Peter Sawyer traces "English Influence on the Development of the Norwegian Kingdom" in the tenth and eleventh centuries. In addition to contacts between missionaries, merchants and emissaries, a number of Norwegian kings spent time in England, so that in "the eleventh century, when Harald Hard-Ruler and his successors had the challenging task of making their rule effective throughout a huge and expanding territory, the governmental techniques of the English, who faced similar problems in the tenth century, if on a smaller scale, provided models that the Norwegians eagerly adopted or adapted" (229). These techniques included minting and control of coinage, collection of tolls, regulation of harbors and markets, routine taxation, law- writing and legislation, extension of the "king's peace" to include offenses against the whole community, vernacular charters, systematic maintenance of a navy, and use of local magnates as agents of royal authority.

Before c. 1000 "Anglo-Saxon England was the only early medieval culture that had a medical literature in its own tongue" (230), notes Debby Banham in "A Millennium in Medicine? New Medical Texts and Ideas in England in the Eleventh Century." The recipes in these Old English collections call for two or three native British or easily obtainable western Mediterranean herbs, with a vehicle such as water, beer or lard, and a few notes on blood-letting and prognosis. The new Latin recipes are more complex, sometimes prescribing exotic vehicles like mastic or petroleum. Measurements, too, become more specific-- scruples, drams, ounces--rather than spoonfuls or an eggshell. The new texts also include treatises on diagnosis and physiology according to the theory of four bodily fluids or humors and use Greek-derived names for diseases. Several texts are attributed to Galen, "one of them apparently genuine" (234).

In "Reading the Bayeux Tapestry through Canterbury Eyes," Gale R. Owen-Crocker confirms that the embroidery was probably designed at St. Augustine's, Canterbury, since it reveals familiarity with many surviving manuscripts "which belonged in the eleventh century to Canterbury libraries" (244). The most important is the Old English Illustrated Hexateuch, which like other relevant manuscripts displays active male figures in groups in secular northwestern European clothing with "stylized hunching of the shoulder and expressive gestures" (246). Owen-Crocker then compares particular images and suggests that the designer of the main register of the Tapestry consciously adduced the biblical texts illustrated by his models in order to offer an implicit commentary on the action, in particular "to suggest guilt and wrong kingship" on the part of the slain Harold, but also "decadence and tyranny in [King] William and his brothers" (265).

Susan Edgington discusses "The Entrepreneurial Activities of Herbert Losinga, Abbot of Ramsey (1087-91) and First Bishop of Norwich," whose early career in the East Anglian see (1091-1119) was clouded by simony. In his prior position as abbot of Ramsey, Bishop Herbert had successfully promoted on monastery land a major fair in association with the cult of St. Ivo, whereby he generated the considerable funds necessary to purchase his episcopacy from King William Rufus. After his elevation, Bishop Herbert then moved his see from Thetford to the more promising commercial center of Norwich. There, in similar fashion but with less success, he attempted to appropriate the lucrative cult of St. Edmund from the rival Bury Abbey by promoting a three-day fair in the market town of Hoxne under his own jurisdiction at the newly invented site of that king's martyrdom.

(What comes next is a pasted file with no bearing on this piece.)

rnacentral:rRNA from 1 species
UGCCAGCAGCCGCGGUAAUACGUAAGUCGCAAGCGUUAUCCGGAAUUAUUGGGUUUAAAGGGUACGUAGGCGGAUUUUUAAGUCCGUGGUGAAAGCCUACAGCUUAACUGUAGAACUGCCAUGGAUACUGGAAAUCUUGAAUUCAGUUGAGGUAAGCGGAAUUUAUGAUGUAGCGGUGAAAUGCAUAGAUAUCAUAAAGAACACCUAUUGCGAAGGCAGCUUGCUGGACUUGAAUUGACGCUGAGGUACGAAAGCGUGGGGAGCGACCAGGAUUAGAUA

Ann Williams invites us to "Meet the Antecessores: Lords and Land in Eleventh-Century Suffolk," by examining the way this term for prior English holders of land granted to new Norman owners is used in Domesday Book. The implication is that the new owner of a fief will possess all of his predecessor's rights and dues from estates spread over one or more shires. But many such fiefs were newly created in more compact units from smaller parts so that very minor landowners were called antecessores as a "legal fiction" (280) to imply the preexistence of a post-Conquest fief. The king's administrators contrived this fictive inheritance to imply a "continuation" of the traditional obligations owed the king by large landowners, as well as to obviate claims to parts of the new fief by its pre-Conquest owners or their heirs.

David Cozens details "The Demise of Ramsey Abbey" in the sixteenth century, which at the time of the Domesday Survey four and a half centuries before "had been the fourth wealthiest monastery in England" (288). It was still quite rich at the time of the installation of its last abbot in 1507, with "a magnificent library...known to contain a significant amount of Hebrew material" (290). It also was said to contain a charter from King Edgar (d. 975), "most serene emporour of the Angles" (quoted 291), exempting the abbey from the power of all bishops, including that of Rome. Ramsey was formally surrendered to the Crown in 1539, its monk pensioned off, its lands and buildings sold, with the stone and other materials of the church and priory so thoroughly dismantled that their locations are today unknown.